To get a list of the environment variables currently in effect, use the "printenv" utility. As you can see, there are many environment variables that are probably set by default. in fact, the following environment variables are pretty much standard:

  • EDITOR defines the word processing program that you use.
  • HOME defines the absolute pathname of your home directory
  • MANPATH contains a lists of directories to find man pages.
  • PAGER defines your favorite utility for paging through screens worth of information such as "more"
  • PATH specifies a list of directories that UNIX will look through when you type a command at the prompt. By default your path should include the usual suspects such as "/usr/bin" and "/usr/local/bin".
  • PRINTER defines the default printer you are using. That way, when you use the "lpr" command you do not have to specify which printer on the network to use.
  • PS1 and PS2 contain your primary and secondary prompts.
  • PWD defines the absolute pathname of your current directory.
  • SHELL defines the absolute pathname of the shell you are using.
  • TERM defines the terminal type you are using.
  • TZ specifies your time zone.
  • USER is set to your username. Sometimes this variable is called LOGNAME

Below is a screen shot of my environment variables

[Environment Variables]

You can also look at, or edit, your environment setup files. In my case, all of my environment variables are defined in .bash_profile as you can see below. (We'll discuss more about what everything means in just a bit. I just want to show you where the printenv utility got its info from.)

[Environment Variables]

Notice that in the above example, environment variables are set by listing them and setting them equal to some value. This is true for BASH but not necessarily true for other shells... For example, a C Shell environment setup file might contain a line such as:

set history = 100
setenv PATH /bin:/usr/bin:$HOME/bin

In this case, not only are we using "setenv" and "set" keywords, but we access another environment variable to define PATH. Your best bet is to pick up a book that describes the specifics of your own shell.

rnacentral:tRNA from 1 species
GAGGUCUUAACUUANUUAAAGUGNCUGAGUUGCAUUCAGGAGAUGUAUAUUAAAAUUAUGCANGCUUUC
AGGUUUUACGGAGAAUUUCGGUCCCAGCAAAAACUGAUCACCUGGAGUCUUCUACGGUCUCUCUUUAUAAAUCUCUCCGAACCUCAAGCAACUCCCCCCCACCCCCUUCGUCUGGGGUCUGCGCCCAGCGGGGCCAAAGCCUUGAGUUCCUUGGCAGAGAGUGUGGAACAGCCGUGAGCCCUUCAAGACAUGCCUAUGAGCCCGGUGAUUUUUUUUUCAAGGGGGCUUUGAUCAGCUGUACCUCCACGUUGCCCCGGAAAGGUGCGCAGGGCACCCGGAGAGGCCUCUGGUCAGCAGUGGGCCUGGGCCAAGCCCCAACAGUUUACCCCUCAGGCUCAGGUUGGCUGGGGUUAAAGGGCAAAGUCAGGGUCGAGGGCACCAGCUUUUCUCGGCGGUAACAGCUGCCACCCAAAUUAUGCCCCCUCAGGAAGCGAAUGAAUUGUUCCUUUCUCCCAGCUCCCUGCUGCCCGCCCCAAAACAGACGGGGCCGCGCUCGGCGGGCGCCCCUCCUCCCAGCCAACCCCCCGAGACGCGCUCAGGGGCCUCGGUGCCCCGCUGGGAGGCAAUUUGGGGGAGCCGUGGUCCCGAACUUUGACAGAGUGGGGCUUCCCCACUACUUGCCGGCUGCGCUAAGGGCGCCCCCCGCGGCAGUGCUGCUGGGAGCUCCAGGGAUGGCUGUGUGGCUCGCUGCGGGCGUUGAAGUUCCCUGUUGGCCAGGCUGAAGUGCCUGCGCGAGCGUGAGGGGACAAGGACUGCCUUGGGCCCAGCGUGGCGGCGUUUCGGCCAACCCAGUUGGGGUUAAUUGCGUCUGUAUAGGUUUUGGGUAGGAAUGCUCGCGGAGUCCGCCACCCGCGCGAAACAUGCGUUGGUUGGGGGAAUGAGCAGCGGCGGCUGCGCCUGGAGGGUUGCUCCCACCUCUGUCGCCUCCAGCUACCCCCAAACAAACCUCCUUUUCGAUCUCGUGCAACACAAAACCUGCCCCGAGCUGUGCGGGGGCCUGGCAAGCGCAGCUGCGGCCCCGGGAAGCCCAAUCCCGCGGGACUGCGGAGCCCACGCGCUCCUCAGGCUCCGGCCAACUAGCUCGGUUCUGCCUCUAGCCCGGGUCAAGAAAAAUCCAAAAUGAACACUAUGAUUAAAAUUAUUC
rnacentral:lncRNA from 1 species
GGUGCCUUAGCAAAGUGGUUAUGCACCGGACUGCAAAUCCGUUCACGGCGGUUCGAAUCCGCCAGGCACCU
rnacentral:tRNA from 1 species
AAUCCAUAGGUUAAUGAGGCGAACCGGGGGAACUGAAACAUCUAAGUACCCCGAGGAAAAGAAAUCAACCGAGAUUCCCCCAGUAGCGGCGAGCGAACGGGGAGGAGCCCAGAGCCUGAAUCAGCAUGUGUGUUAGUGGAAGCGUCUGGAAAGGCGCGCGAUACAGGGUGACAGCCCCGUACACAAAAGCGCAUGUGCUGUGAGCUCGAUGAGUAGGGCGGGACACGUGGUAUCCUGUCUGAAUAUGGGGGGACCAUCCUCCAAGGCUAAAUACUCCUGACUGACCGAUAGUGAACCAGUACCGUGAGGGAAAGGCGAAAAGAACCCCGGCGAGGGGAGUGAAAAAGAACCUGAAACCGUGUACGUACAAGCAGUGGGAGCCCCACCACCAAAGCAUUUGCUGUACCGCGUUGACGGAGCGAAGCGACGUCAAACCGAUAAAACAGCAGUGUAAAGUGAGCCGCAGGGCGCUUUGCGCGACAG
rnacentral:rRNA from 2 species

Of course, regardless of how many environment variables are set, there are really only a few that you will really ever use/modify.

The most commonly modified environment variable is the PATH variable that defines the location of directories that contain executables. The benefit of the PATH variable is that it makes it easier to run commands. For example, if you included "/usr/home/selena/bin" in your PATH you would not need to type "/usr/home/selena/bin/selena.cgi" to run "selena.cgi" in the "/usr/home/selena/bin" directory. Instead, you would just type "selena.cgi". When you include "/usr/home/selena/bin" in your PATH, the shell will know to look there if it is instructed to run an application but it cannot find the application in the usual places.

As you can see above, PATH is defined as a colon delimited list of directories.

Finally, you should know that you can create your own environment variables by simply defining them as the others are defined such as

MYNAME = Selena Sol (for Bourne Shell)
set MYNAME Selena Sol (for C Shell)

You can also redefine your prompt in the environment setup file. Why would you want to do this? Well the default prompt given to you by most UNIX shells is something like a single "%" sign. This is enough to signal you to start typing but it is not extremely useful. Fortunately shells give you the ability to modify your prompt to provide other useful bits of information by setting the PROMPT environment variable.

If you skip above to my own environment listing, you will se that my prompt is defined to show my host name (eff.org). However, watch what happens when I change it!

[Changing the prompt]

Notice that I changed my prompt definition to include the "pwd" present working directory and sure enough, my prompt changed in the other window from "eff.org" to "/home/eff/erict"

Here are some prompt mods that are commonly seen

[Changing the prompt]